Solvable Problems

Making the World More Hospitable

How the Hospitality Industry can be Instrumental in Closing the Youth Employment Gap
Blog

Young people will always find ways to employ their time. With more than 3.5 billion of them under the age of 30, it’s imperative that their employment is with purpose and value. Yet today, an astonishing 71 million young people around the world are left wanting for that.

Twitter Chat Announcement: “Non-Communicable Diseases: Co-Creating Solutions for Prevention and Treatment” with PSI, Intra Health International, and the Novartis Foundation Next Wed at 10, ET

Press Release

WASHINGTON, D.C., January 19, 2018 /3BL Media/ - What do cervical cancer, Type 2 diabetes, and hypertension have in common? They are three diseases that are largely preventable, easily screened for/diagnosed, and highly treatable with known therapies. Addressing non-communicable diseases (NCDs) such as these, is a problem we can solve if we work together.

Mark Kramer, Co-Founder of FSG, to Keynote the Global Engagement Forum Live

The convening will drive collaborative action on skills gap, non-communicable diseases, and post-harvest loss
Press Release

WASHINGTON, D.C., December 13, 2016 /3BL Media/ - Mark Kramer, co-founder of the prominent social impact firm, FSG, will keynote the Global Engagement Forum Live, taking place April 4 – 5 in Washington, DC.  Kramer advocates for an ecosystem approach to create shared value—a concept that connects societal and economic progress.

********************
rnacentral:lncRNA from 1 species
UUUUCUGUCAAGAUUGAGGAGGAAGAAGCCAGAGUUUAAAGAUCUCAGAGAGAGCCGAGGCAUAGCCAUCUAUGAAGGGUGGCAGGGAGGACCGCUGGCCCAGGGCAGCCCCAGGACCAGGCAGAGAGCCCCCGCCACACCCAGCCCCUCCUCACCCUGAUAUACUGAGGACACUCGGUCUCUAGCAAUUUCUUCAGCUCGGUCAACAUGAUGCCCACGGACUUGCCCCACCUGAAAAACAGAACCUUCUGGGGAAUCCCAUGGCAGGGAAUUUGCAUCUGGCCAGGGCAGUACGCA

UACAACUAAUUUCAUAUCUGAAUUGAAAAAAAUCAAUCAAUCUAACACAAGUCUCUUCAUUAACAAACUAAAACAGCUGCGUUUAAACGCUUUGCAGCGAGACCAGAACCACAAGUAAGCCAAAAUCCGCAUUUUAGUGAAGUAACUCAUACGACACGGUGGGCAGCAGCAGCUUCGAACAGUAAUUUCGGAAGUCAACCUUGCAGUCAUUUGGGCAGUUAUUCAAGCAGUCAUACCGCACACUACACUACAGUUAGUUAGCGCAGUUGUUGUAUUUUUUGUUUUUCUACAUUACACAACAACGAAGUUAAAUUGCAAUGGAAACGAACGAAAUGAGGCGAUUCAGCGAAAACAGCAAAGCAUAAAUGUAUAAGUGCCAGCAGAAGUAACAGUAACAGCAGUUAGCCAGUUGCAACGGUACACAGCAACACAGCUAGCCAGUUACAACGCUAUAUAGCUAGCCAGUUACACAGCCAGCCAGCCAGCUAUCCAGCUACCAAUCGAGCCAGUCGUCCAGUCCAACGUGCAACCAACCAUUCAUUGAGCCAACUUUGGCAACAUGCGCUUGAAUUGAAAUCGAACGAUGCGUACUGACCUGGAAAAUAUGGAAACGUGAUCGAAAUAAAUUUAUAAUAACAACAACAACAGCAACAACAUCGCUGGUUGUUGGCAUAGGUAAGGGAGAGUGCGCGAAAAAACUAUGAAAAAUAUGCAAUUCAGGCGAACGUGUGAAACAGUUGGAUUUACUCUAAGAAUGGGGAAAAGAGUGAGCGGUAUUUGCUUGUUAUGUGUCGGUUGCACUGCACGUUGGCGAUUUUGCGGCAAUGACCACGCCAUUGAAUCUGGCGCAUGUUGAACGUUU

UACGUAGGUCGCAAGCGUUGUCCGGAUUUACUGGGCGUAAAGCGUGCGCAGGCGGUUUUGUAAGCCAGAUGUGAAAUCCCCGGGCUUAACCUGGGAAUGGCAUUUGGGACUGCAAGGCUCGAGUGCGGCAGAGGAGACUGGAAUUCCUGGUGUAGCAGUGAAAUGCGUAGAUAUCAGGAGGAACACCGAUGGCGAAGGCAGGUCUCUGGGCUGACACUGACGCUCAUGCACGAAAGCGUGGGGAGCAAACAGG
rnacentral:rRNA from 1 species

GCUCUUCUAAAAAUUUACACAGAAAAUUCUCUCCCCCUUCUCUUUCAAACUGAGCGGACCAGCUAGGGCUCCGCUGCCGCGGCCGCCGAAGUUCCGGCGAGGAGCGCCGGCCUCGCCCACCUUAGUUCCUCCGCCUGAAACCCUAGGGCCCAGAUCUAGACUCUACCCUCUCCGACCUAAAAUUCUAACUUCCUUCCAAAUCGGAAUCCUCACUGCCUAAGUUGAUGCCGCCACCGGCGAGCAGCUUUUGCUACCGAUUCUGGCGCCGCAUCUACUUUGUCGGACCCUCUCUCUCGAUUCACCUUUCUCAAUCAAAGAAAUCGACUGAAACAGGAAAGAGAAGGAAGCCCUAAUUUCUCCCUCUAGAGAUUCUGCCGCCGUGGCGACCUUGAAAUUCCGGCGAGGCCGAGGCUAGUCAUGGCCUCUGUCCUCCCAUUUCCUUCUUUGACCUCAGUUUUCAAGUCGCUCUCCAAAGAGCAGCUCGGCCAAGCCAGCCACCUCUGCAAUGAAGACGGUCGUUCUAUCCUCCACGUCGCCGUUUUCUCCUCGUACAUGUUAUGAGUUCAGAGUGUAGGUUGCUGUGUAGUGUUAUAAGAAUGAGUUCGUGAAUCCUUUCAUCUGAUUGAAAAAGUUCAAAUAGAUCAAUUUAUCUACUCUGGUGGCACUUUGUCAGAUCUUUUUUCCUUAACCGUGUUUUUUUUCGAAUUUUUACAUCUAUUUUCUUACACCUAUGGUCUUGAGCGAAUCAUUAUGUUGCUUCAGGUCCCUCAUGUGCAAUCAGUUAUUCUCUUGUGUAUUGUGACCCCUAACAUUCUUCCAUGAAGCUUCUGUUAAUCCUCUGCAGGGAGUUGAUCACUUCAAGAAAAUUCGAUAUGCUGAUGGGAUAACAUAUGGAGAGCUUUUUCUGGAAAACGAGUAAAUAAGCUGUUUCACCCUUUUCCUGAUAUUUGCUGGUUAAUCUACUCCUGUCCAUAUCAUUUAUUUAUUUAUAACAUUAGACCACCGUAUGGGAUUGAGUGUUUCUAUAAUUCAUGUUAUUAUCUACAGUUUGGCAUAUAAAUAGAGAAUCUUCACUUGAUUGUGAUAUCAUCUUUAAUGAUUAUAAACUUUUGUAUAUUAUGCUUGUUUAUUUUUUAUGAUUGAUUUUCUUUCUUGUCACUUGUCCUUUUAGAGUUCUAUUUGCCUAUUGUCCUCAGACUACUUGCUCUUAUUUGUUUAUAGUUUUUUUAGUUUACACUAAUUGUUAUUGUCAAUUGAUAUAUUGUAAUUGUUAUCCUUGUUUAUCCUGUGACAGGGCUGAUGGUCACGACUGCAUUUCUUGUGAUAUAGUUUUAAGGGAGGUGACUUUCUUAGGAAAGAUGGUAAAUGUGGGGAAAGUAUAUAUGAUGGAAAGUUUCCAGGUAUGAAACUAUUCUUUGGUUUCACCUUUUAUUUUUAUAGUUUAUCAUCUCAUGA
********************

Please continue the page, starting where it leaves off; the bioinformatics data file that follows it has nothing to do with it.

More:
Reducing Post-Harvest Loss Can Help End Hunger

Solving the Solvable
Article

At the 1959 World Health Assembly, Soviet scientist Victor Zhdanov put forth a radical idea: a global campaign to eradicate smallpox, a disease that first surfaced more than 10,000 years ago and which is estimated to have caused 300–500 million deaths during the 20th century alone. Local and multinational campaigns had shown great promise in defeating the disease across North America and Europe, as well as parts of South America, but a global campaign was an audacious suggestion. Nothing of the sort had ever been attempted.

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